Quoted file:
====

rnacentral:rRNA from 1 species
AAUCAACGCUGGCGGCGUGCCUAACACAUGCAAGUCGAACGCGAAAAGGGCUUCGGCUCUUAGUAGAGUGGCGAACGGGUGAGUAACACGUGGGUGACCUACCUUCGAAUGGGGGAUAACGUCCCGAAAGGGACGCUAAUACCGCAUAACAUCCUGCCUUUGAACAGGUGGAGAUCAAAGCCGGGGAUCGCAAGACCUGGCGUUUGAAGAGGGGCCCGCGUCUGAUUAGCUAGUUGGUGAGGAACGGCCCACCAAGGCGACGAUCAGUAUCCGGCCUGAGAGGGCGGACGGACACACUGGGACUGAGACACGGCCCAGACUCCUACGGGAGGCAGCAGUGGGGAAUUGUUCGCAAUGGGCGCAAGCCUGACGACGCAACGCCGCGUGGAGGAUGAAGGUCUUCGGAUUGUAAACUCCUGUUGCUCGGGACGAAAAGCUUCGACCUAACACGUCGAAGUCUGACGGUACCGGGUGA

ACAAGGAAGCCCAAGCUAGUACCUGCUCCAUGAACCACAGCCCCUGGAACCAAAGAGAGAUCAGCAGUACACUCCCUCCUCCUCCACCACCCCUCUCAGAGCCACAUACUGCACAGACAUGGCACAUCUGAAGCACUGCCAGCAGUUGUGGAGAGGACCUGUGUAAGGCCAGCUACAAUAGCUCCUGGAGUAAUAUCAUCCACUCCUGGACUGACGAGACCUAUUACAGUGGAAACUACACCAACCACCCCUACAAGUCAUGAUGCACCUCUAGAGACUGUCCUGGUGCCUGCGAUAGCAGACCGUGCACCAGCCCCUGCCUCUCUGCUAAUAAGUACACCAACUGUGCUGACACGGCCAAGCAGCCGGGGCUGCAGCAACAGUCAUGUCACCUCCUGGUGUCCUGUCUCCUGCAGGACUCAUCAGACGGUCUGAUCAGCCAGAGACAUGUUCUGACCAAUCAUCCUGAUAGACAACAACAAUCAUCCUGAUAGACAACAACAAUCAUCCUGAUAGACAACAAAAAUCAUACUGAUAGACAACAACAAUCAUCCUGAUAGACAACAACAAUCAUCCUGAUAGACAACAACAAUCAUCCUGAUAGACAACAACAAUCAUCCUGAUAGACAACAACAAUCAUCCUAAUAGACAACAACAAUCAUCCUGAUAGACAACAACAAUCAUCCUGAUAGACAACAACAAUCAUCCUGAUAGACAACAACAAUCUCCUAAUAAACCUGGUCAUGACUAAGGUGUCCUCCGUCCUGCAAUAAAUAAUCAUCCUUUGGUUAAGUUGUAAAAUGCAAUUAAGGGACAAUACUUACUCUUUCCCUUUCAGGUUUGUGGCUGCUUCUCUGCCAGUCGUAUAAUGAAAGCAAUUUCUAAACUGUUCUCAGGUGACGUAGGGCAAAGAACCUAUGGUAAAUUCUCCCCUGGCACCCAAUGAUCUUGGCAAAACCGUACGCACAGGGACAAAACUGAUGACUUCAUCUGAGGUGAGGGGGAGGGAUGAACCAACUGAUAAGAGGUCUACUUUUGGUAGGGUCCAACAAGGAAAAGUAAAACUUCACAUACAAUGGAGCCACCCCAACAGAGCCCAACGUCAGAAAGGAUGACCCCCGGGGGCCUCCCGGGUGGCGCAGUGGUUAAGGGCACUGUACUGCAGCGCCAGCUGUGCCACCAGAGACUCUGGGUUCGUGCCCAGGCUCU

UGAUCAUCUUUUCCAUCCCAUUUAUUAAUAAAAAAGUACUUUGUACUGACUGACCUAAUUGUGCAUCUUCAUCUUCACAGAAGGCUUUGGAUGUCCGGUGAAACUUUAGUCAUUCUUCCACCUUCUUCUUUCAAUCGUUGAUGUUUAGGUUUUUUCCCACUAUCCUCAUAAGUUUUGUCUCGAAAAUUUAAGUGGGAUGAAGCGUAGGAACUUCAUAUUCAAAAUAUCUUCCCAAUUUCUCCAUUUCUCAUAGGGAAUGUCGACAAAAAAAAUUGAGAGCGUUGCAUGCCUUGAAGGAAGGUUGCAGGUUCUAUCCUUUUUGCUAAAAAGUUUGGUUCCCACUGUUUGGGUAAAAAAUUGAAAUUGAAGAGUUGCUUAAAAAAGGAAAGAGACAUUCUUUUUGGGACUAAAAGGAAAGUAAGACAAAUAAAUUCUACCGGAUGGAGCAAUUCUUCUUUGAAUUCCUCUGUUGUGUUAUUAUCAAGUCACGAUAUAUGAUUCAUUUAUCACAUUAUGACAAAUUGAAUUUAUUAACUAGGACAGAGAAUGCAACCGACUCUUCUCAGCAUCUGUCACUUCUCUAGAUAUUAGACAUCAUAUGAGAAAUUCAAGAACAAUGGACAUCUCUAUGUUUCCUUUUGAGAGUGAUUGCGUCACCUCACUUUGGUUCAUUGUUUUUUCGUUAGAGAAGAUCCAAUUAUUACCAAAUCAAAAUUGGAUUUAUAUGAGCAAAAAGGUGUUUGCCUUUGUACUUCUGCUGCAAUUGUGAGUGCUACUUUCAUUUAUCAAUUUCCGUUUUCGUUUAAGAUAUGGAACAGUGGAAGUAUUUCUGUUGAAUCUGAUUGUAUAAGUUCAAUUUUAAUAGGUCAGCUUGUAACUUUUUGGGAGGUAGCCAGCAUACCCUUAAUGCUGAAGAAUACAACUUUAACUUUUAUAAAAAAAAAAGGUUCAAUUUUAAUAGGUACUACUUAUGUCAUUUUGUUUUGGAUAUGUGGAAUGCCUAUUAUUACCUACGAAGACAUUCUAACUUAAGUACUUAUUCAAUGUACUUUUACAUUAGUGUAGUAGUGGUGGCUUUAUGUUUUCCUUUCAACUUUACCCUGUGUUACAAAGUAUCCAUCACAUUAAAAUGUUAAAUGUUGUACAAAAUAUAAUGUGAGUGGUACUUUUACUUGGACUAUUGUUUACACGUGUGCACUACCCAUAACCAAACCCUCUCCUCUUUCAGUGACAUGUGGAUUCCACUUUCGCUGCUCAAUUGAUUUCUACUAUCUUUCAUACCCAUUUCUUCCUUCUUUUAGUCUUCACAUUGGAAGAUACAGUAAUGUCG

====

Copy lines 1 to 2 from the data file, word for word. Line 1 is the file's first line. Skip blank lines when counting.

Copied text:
rnacentral:rRNA from 1 species
AAUCAACGCUGGCGGCGUGCCUAACACAUGCAAGUCGAACGCGAAAAGGGCUUCGGCUCUUAGUAGAGUGGCGAACGGGUGAGUAACACGUGGGUGACCUACCUUCGAAUGGGGGAUAACGUCCCGAAAGGGACGCUAAUACCGCAUAACAUCCUGCCUUUGAACAGGUGGAGAUCAAAGCCGGGGAUCGCAAGACCUGGCGUUUGAAGAGGGGCCCGCGUCUGAUUAGCUAGUUGGUGAGGAACGGCCCACCAAGGCGACGAUCAGUAUCCGGCCUGAGAGGGCGGACGGACACACUGGGACUGAGACACGGCCCAGACUCCUACGGGAGGCAGCAGUGGGGAAUUGUUCGCAAUGGGCGCAAGCCUGACGACGCAACGCCGCGUGGAGGAUGAAGGUCUUCGGAUUGUAAACUCCUGUUGCUCGGGACGAAAAGCUUCGACCUAACACGUCGAAGUCUGACGGUACCGGGUGA